Does testosterone make better athletes?

Selligpau /wikimedia commons

Testosterone has been in the news a lot these days. It’s always being marketed on the radio by “doctors” as a cure-all for aging, it’s pretty much required to take if you’re a Nike-sponsored track athlete or a Tour de France podium finisher, and now it’s even being used to determine the not-at-all dichotomous question of sex and gender.

Currently, the IAAF, or track & field’s international governing body, determines if a female can compete based on how much testosterone she has in her blood. This is a bad idea, both from a women’s equality perspective and a biological perspective.

Testosterone supplementation is also the most popular way for athletes to gain a competitive edge, from MMA fighters to distance runners. But it may not really make that much of a difference in terms of athletic performance (placebo effect, anyone?).

That’s because testosterone, the mayor of hormoneville and the most controversial of the four-ring steroid hormones, is a complicated little molecule.

There’s active and inactive forms, epi- forms and normal forms (epitestosterone is like pre-testosterone, for storage), and the delicate balance between testosterone, androgens, estrogens, and corticoids.

500px-Steroidogenesis.svg

Look at this diagram. What a mess! And this is the high school chemistry version, not the upper division biochemistry diagram complete with hundreds of arrows, pathways, and enzymes.

That’s testosterone in the bottom left. Taking a testosterone injection will obviously increase testosterone, but it’s also going to mess with every other four-ring structure in this picture. That’s why you really shouldn’t take testosterone supplements in middle age to treat the medically ambiguous but excessively advertised “Low T” syndrome.

Our hormonal systems are incredibly dynamic. All those pathways in the diagram go whichever way the wind blows, physiologically speaking. They change from day to day, even minute to minute. Testosterone can spike to crazy high levels before a competition, sink to untraceable levels during competition, then land somewhere in between during recovery.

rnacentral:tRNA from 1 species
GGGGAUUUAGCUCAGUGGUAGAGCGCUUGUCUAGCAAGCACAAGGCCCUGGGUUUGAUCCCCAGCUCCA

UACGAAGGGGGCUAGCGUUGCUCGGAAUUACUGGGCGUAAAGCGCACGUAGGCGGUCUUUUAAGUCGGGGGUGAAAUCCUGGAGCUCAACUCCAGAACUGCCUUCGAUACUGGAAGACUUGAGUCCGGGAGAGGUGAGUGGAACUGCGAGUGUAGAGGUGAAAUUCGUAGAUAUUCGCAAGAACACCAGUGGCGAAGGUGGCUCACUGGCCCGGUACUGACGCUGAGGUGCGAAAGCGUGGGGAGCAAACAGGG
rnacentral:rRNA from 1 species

That makes testing difficult. There’s no standard level of testosterone in humans. Doping tests are sensitive to big spikes that are way outside of physiological ranges, but what’s high for one athlete may be low for another.

Many athletes, especially the endurance variety, are known to have lower than average resting “T” levels. We’re not sure why, but it probably has something to do with that diagram shifting more to the catabolic, or tissue breakdown side due to large amounts of training.

And there are some women that have naturally higher levels of testosterone. Does that make them better athletes? We have no idea. Thankfully the IAAF has been told to re-evaluate their testosterone love affair.

The biological passport is an attractive but still imperfect way of keeping an eye on testosterone.

So why do athletes take it then? There is clear evidence that testosterone supplementation builds strength and muscle mass over the long term in normal healthy men. But there’s absolutely zero evidence that taking testosterone on Friday will help during Saturday’s big race. Testosterone, and all steroid hormones, take many days to rebuild tissues.

And athletic performance is about more than muscles and hormones. According to Dr. Shalender Bhasin, chief of endocrinology, diabetes and nutrition at Boston Medical Center and author of the seminal study above, “the explanations of cause and effect between athletic performance and testosterone are very weak.”

The evidence just doesn’t add up.

Maybe coaches, athletes, and sports czars know more than the world’s finest hormone scientists, or maybe it’s all speculation and locker room talk. Either way, they’re not really helping their sports.

Photo credit: selligpau/wikimedia commons